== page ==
Thus while Texas Instruments Inc. (TXN) and Microchip Technology Inc. (MCHP) gained after posting strong results and guidance on the back of strong auto and industrial chip sales, peer Cypress Semiconductor Corp. (CY) fell slightly after turning in a beat-and-raise report. Likewise, mobile chip suppliers Skyworks Solutions Inc. (SWKS) and Cirrus Logic Inc. (CRUS) sold off after beating estimates and issuing healthy guidance.
Among chip equipment makers, photolithography equipment giant ASML Holdings NV (ASML) rallied after sharing results and order data that pointed to both strong capital spending among memory makers and growing chipmaker investments to deploy next-gen EUV lithography systems in the coming years. But Lam Research Corp. (LRCX) and KLA-Tencor Corp. (KLAC) each slid in spite of delivering above-consensus numbers.
The market's mixed reactions to such reports don't necessarily mean that the big chip stock rally that started in early 2016 is finished. Particularly since industry conditions still look pretty good. But it does suggest investors will need to be more selective going forward to achieve outsized gains.
3. As IT spending keeps shifting to the cloud, it's causing some big earnings beats and misses.
Data center switch vendor Arista Networks Inc. (ANET) , which depends heavily on sales to cloud giants such as Facebook, Amazon and Microsoft, rose 19% on Friday after delivering blowout results and guidance fueled by soaring cloud capital spending. IT hardware and software firms whose sales skew more towards on-premise enterprise infrastructures often had very different numbers to share.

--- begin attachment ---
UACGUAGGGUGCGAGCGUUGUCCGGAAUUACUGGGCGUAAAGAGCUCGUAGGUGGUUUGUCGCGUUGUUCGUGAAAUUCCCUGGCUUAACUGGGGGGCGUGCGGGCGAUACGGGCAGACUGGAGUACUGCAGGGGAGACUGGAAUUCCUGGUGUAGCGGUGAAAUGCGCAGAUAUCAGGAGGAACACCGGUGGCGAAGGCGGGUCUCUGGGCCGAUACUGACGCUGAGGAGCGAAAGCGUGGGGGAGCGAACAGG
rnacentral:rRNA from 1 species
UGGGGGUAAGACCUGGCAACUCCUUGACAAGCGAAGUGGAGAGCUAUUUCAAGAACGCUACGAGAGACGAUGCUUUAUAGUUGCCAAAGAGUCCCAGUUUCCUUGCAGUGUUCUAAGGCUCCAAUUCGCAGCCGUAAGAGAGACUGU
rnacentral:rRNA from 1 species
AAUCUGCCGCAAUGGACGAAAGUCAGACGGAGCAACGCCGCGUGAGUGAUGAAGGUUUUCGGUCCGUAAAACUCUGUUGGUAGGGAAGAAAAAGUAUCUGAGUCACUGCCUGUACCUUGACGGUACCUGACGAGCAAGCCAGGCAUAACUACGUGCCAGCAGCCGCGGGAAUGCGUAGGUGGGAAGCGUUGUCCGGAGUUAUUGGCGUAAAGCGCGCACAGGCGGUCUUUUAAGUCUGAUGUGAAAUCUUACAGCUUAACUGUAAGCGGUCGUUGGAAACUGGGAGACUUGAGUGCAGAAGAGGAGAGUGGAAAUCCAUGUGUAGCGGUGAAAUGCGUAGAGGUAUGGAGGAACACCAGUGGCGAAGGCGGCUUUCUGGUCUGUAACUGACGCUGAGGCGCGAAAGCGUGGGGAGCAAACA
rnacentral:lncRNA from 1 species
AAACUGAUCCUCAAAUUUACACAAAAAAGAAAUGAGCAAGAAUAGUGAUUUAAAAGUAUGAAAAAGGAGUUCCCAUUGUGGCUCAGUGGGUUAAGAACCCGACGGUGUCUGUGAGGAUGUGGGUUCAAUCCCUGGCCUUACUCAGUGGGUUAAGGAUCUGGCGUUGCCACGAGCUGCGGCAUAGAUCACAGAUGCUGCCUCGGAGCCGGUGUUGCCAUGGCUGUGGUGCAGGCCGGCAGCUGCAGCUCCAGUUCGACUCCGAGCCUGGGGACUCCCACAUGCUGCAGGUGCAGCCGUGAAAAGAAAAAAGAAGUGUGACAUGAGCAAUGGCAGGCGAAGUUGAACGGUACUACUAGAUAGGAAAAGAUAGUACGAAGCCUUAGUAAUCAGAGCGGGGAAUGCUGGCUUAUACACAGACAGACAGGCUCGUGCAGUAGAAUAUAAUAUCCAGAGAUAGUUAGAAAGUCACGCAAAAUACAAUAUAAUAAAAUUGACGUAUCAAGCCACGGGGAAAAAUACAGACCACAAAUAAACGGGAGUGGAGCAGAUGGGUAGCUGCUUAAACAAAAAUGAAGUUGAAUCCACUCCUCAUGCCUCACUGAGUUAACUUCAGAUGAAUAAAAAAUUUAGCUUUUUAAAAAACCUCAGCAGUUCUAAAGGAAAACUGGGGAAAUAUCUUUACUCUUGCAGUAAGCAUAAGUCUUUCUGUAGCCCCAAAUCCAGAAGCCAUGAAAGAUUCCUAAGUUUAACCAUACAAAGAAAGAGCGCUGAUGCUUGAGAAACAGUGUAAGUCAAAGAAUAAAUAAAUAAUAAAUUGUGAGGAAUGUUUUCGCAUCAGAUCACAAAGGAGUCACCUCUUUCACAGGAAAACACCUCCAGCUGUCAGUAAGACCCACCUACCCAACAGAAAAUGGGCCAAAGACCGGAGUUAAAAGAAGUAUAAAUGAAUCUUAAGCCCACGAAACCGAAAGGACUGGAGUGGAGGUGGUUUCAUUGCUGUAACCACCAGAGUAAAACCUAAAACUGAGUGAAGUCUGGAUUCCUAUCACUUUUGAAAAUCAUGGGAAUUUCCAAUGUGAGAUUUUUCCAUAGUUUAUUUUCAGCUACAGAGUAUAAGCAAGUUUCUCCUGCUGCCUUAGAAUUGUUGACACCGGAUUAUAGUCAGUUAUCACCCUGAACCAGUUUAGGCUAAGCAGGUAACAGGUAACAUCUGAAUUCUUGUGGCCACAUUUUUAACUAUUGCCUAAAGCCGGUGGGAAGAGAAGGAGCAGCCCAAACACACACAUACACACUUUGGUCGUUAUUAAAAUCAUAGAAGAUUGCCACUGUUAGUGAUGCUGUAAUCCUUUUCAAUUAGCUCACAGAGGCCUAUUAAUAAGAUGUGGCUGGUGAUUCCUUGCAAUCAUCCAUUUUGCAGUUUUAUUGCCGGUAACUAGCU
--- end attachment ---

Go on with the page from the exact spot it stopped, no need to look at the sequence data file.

IBM Corp. (IBM) sold off after reporting its 21st consecutive revenue decline amid weaker-than-expected software and services sales. F5 Networks Inc. (FFIV) , whose enterprise application delivery controller (ADC) sales have been pressured, tumbled after missing Q2 revenue estimates and issuing soft Q3 guidance. Seagate Technology PLC (STX) plunged after a big Q2 miss, partly because a relatively weak position in the market for the high-capacity helium hard drives loved by cloud giants meant cloud growth wasn't able to offset enterprise weakness.
All of these numbers came as 42% and 97% annual sales growth was respectively reported for AWS and Microsoft Azure. And while Google doesn't break out Google Cloud Platform (GCP) growth, all signs point to it remaining very strong. Well-positioned companies can still grow their on-premise IT sales, especially if they have good exposure to growth areas such as security and analytics. But the total pie is clearly shrinking, and the pace might be accelerating.